A new bare-bones budget
I like to create a bare-bones budget whenever I get a new job or my living situation changes. It helps me understand how much I’ll need to live off of should I ever lose my job (which happened in 2014 when the company I worked for laid off almost half its staff). Since I’ve had my job (and my new home) for almost two months now, I figured it was the perfect time to re-evaluate my financial situation – especially since the last time I created a bare-bones budget was back in February 2014.
So over the weekend, I took a look at my current financial situation. And after calculating how much it would cost me per month, I’m extremely happy to see that Employment Insurance (about $524/week) would be enough to cover all of my bare-bones budget expenses – without having to touch my Emergency Fund.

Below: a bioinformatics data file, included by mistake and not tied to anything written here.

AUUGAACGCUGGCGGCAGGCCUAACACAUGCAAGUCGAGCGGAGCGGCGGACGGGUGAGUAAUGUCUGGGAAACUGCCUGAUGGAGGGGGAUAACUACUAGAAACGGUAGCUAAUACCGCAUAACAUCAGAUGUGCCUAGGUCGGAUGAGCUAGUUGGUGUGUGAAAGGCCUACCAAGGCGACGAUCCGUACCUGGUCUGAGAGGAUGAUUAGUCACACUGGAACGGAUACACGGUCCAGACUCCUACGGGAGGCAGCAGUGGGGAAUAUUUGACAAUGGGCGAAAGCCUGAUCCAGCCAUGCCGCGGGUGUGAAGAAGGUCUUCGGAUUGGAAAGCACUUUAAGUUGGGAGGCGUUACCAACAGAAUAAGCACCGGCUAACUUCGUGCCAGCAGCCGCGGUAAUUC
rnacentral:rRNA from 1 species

You can see I was able to eliminate over $500 from my monthly budget without much effort, and I know that if needed, I could cut that number down even further. Plus, if for some unfortunate circumstance, I had tapped out my EI resources and Emergency Fund, I could rely on RD to help out if absolutely necessary.
Anyway, at some point in 2016, I’ll be testing out this new bare-bones budget for a month – just to make sure I can still do it. I’m confident that I can, but the food budget will be a tough one. It’s been about 4 years since I last tried (and succeeded) at a $100/month grocery budget, but it’s a really good exercise to do every couple of years. :)
Is your bare-bones budget up-to-date?
Author: Krystal Yee
I’m a personal finance blogger and marketing professional based in Vancouver. I’m a former Toronto Star (Moneyville) columnist, author of The Beginner’s Guide to Saving and Investing, and co-founder of the Canadian Personal Finance Conference. When I’m not working, you can usually find me running, climbing, playing field hockey, or plotting my next adventure.